Ex-landfill worker pleads guilty in bear-shooting case
A Carbondale man Tuesday pleaded guilty to four charges related to the September killing of a black bear at the Pitkin County Landfill.
Pitkin County Judge Erin Fernandez-Ely ordered Jesse Schoeller, 26, to pay $2,879.50, plus court costs. Schoeller pleaded guilty to unlawful taking of wildlife, hunting outside an established season, failing to reasonably attempt for and provide for the human consumption of edible portions, and failing to immediately go the location where the animal was shot.
While Schoeller did not use the bow and arrow to kill the bear – another person, Kaleb Nye, 26, of El Jebel, admitted to authorities that he shot it twice – an officer from Colorado Parks and Wildlife cited him for having a complicit role in the killing. Nye and Schoeller, who worked at the landfill at the time, visited the site after business hours on Sept. 1 when the bear was killed – one day before bear season began for both rifle and archery hunters. The two also did not have their bear-hunting licenses at the time it was killed.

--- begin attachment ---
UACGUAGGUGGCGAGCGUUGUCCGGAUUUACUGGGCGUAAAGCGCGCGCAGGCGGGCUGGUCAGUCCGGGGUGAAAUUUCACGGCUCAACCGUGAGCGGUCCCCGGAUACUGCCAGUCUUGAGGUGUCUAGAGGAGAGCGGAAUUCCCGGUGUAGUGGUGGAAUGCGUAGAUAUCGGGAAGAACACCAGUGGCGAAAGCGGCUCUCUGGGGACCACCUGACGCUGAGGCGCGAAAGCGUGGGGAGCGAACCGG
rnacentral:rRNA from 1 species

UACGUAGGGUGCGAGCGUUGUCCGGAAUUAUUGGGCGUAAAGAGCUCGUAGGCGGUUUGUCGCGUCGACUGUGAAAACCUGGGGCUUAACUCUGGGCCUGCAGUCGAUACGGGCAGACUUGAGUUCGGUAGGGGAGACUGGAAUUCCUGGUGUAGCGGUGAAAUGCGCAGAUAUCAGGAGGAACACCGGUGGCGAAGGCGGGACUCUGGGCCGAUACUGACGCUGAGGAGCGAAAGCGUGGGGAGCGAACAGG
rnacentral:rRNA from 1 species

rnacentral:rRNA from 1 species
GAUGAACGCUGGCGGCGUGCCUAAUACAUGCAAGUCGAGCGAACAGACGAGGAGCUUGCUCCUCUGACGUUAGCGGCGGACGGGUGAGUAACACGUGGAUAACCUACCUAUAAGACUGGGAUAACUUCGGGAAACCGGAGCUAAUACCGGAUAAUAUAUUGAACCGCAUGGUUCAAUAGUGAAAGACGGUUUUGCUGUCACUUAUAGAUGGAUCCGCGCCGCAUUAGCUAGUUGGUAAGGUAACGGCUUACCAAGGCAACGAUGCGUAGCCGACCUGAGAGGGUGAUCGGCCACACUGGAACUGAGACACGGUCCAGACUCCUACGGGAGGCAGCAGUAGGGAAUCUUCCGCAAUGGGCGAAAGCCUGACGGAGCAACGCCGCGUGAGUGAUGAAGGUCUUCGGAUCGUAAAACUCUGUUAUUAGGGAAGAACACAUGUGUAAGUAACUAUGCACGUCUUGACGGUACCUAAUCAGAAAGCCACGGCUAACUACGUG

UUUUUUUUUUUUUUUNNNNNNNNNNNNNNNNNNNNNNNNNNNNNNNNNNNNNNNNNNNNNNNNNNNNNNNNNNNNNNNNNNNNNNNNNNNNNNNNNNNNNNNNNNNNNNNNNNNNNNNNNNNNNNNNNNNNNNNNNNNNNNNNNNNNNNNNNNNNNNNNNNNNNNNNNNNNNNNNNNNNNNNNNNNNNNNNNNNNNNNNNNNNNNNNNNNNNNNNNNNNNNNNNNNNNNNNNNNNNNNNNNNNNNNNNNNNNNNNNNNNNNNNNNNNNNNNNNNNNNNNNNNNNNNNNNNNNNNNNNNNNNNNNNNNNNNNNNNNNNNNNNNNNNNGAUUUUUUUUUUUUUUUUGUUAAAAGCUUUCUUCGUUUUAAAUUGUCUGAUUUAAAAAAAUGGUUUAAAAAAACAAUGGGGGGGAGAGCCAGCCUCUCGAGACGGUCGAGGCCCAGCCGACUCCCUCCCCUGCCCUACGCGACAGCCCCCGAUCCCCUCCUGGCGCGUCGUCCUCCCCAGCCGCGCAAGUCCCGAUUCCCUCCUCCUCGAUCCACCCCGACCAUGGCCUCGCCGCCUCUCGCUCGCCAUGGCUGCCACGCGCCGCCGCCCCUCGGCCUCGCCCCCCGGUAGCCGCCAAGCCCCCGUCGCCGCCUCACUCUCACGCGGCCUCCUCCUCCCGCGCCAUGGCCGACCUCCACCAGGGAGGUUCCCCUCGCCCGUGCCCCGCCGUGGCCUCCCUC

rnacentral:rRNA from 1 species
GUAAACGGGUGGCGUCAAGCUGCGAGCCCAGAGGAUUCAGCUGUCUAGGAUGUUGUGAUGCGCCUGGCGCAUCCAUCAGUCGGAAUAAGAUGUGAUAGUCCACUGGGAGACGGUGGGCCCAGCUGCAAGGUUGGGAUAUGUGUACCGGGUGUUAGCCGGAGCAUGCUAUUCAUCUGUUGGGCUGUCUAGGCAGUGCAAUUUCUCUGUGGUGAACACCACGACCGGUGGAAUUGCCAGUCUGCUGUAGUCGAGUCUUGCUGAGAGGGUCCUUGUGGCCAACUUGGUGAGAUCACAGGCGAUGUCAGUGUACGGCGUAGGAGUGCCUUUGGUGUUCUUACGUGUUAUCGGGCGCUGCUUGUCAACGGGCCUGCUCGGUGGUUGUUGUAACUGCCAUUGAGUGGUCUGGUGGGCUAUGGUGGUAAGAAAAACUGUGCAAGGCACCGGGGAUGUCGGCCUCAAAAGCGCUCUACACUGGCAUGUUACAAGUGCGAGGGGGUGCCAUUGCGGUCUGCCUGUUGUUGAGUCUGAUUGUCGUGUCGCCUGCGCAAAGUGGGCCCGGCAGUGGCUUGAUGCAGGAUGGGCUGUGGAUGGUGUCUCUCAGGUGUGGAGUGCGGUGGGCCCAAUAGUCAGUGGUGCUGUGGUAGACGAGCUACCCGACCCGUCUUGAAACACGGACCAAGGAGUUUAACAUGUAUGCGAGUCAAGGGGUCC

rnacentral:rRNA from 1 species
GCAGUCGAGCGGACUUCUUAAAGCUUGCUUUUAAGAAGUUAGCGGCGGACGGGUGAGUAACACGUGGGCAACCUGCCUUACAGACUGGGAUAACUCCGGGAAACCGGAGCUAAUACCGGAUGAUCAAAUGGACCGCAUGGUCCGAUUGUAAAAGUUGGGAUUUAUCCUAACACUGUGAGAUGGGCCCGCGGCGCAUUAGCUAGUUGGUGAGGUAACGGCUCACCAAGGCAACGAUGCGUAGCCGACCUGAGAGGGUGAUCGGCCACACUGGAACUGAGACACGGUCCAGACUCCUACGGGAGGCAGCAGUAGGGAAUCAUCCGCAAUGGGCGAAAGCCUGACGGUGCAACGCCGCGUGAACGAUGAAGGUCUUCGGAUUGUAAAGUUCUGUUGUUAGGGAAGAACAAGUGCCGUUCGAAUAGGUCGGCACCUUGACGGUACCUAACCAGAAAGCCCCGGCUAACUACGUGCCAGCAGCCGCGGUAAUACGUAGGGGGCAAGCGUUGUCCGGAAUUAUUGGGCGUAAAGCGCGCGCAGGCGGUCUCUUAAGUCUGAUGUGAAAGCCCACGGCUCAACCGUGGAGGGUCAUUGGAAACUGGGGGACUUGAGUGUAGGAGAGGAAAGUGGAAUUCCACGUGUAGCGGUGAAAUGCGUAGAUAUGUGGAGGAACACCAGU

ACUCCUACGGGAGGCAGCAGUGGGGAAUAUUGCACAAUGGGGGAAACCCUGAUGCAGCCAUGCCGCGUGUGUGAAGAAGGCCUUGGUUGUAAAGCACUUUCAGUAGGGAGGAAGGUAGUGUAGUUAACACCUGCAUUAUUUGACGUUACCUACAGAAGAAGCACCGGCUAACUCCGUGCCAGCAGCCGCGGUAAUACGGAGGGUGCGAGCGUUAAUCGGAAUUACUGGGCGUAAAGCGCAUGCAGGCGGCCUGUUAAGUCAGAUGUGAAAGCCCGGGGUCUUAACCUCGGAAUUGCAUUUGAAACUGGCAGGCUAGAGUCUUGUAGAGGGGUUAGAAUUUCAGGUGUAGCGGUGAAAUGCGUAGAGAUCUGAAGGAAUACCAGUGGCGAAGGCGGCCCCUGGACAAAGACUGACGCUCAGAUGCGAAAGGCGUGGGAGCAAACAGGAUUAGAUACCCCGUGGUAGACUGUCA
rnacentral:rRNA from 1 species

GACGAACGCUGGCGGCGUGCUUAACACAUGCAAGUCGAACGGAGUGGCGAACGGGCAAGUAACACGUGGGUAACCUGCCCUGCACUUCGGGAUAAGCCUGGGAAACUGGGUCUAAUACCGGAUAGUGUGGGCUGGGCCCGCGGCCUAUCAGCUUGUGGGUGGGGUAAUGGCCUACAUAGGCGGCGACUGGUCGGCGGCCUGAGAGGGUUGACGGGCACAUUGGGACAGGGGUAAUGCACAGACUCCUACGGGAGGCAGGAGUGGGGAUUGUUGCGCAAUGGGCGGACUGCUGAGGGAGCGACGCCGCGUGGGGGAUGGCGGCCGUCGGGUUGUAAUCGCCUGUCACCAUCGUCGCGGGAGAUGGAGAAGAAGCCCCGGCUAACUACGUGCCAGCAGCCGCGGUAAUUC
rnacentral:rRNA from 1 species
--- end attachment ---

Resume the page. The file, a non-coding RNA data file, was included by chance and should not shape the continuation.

Schoeller negotiated the plea with prosecutor Richard Nedlin about 90 minutes before Fernandez-Ely signed off on the deal.
Schoeller did not discuss details of the shooting with the judge. The hearing lasted less than five minutes. Nye was not required to appear in court because his case was closed after he paid the fine.
The county fired Schoeller from his landfill job on Sept. 10. The large bear, estimated to be 15 years old by wildlife officers, was discovered on the morning of Sept. 2 by a group of hunters who had been permitted to hunt bears at the landfill, where the animals had been foraging since the summer.
And on Sept. 4, Schoeller admitted to wildlife officers that he had and Nye had “made the biggest mistake of their lives,” according to a Parks and Wildlife report on the incident.
The fallout of the bear’s death continued last week when Chris Hoofnagle, the landfill’s manager, was fired from his post, the Aspen Daily News reported Monday.
District Wildlife Manager Kevin Wright, who attended Tuesday’s court hearing for Schoeller, said he is unaware of any bear hunting currently taking place at the landfill.
He said bear activity has waned at the landfill, where up to 15 bruins had been visiting the site daily for food. Parks and Wildlife officers had suggested that the landfill open up to hunters during non-business hours, which it did for a brief period.
Rifle season for bears runs Sept. 2 through Nov. 18. The muzzleloader season ran Sept. 8-16, while the archery season ran Sept. 2-23.
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